Professionals—lawyers, journalists, you name it—are expected to continually update their knowledge, practice their craft, and improve their performance. Trial lawyers, for example, are expected to learn the ins and outs of every new case and the myriad laws and regulations governing each. They study up and practice their argument before trial. And they’re judged and promoted, at least in part, on how well they try each client’s case. Laws and regulations evolve, and attorneys must keep pace.
By that same logic, there has been much effort nationwide to improve teachers’ “professional development” (PD) and with it their students’ learning—particularly with the rise of new academic standards for students. And teachers are increasingly evaluated on how well they deliver new content. Teachers, however, tend to be dissatisfied with how PD activities, even those that are meant to be collaborative, are implemented. Perhaps unsurprisingly, little evidence shows that the substantial federal, state, and district investments in PD have paid off in teacher and student learning.
And so, this school year, the District of Columbia Public Schools is taking a rather different approach to teacher development. If it works, it could be a big win for students and their learning of the most challenging concepts required by the new standards.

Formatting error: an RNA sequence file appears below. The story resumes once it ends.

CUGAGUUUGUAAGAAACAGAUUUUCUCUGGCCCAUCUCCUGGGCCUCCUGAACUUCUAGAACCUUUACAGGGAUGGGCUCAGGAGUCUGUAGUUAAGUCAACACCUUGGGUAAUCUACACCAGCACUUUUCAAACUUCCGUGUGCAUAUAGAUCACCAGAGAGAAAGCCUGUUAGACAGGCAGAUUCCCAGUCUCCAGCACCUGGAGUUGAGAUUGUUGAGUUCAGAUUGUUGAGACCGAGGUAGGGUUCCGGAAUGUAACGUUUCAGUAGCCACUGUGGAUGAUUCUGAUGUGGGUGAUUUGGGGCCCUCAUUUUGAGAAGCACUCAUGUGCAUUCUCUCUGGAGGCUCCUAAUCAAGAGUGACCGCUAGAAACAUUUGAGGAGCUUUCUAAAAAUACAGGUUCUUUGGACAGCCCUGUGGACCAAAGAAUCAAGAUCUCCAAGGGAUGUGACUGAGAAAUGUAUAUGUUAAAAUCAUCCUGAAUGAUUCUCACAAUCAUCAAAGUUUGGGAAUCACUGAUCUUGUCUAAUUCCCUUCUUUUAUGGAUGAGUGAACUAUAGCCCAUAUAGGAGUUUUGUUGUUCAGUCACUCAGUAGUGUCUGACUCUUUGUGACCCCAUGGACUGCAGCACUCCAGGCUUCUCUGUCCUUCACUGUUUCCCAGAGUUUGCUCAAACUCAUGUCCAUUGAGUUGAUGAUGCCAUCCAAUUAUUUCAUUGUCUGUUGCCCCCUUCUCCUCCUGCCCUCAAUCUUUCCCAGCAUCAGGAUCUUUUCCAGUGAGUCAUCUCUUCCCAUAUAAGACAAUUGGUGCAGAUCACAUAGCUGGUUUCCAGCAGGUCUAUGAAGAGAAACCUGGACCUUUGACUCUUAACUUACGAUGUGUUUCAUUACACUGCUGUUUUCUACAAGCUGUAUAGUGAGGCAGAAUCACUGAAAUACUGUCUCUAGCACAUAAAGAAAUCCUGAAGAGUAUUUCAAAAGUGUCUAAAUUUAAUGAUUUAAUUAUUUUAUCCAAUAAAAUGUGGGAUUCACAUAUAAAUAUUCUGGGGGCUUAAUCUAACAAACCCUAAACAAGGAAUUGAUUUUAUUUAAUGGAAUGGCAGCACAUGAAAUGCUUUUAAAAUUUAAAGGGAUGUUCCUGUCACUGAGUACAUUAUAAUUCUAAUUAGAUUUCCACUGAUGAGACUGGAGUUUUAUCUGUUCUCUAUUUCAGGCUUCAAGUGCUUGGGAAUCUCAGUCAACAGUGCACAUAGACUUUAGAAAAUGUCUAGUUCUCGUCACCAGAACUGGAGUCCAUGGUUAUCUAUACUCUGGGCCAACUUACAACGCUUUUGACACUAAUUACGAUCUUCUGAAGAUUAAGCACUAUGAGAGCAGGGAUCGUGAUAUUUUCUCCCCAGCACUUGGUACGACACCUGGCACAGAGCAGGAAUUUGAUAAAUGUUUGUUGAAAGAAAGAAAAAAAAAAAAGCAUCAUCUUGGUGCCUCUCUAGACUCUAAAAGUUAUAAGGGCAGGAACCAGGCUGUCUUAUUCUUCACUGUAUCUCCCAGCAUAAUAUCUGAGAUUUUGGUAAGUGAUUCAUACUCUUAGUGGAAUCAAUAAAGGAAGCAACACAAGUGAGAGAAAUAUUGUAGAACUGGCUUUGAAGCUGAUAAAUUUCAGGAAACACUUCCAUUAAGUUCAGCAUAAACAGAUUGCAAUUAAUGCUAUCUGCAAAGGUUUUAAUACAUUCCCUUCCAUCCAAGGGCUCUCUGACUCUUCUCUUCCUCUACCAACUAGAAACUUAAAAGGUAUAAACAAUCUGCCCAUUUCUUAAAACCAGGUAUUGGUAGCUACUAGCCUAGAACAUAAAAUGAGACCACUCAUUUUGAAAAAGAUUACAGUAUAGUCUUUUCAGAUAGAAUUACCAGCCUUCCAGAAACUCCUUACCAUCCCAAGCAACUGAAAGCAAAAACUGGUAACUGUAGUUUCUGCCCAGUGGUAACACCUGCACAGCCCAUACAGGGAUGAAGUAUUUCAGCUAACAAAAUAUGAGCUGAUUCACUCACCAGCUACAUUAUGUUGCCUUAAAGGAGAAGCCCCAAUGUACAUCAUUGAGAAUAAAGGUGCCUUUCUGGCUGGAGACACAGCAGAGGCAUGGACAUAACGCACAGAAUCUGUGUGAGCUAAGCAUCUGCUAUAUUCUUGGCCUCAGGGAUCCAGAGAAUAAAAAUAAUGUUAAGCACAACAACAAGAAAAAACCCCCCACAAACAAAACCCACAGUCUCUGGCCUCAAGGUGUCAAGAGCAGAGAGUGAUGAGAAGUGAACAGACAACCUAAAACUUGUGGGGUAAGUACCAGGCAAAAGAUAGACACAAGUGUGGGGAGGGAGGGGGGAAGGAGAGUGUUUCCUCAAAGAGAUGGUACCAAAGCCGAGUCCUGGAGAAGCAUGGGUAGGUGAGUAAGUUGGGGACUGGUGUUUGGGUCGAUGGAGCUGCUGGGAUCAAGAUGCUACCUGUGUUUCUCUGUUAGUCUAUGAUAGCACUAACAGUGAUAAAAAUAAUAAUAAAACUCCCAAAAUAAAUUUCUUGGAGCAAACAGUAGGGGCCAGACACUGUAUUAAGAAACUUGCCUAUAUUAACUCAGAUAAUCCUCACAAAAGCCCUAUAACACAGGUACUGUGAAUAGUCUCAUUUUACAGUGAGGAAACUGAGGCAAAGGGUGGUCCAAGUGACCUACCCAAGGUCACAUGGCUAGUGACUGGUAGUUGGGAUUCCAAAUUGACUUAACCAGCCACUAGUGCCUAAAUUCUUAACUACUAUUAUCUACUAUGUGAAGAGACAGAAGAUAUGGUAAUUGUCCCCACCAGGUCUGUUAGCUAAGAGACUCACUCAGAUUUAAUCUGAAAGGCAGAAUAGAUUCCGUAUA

Launched last month, DCPS’ new Learning Together to Advance Our Practice (LEAP) initiative plans to engage “core content teachers” in professional learning with a team of teachers from the same grade span and subject area. Each team is led by a “LEAP leader”—a teacher leader, instructional coach, department chair, or assistant principal—designated by their school principal as having subject expertise and demonstrable effectiveness. While efforts to improve teacher PD, either at DCPS or around the country, aren’t new, efforts to help teachers deliver challenging content required by new standards using evidence-based approaches are. Few U.S. education systems have focused on building teachers’ cumulative content knowledge and skills in delivering the content effectively using methods grounded in research.
The weekly LEAP PD cycle consists of three parts: a 90-minute seminar, a 15-minute observation, and a 30-45-minute debrief session. In the seminars, LEAP leaders guide teachers in learning content-specific strategies for delivering the new academic standards to their students. For instance, middle school English Language Arts teachers will engage in seminars related to helping students unpack text complexity. Each seminar provides teachers with opportunities to practice applying their learning to upcoming lessons and to share feedback with their peers. In the days following each seminar, LEAP leaders conduct brief, announced observations of individual teachers as they incorporate the recently-practiced strategies in their lessons. As a final step, teachers receive feedback from their LEAP team leader based on the observation; prioritize one area to focus on for the following week; make revisions to their lesson plans accordingly; and then practice the skill with their LEAP leader again before implementing.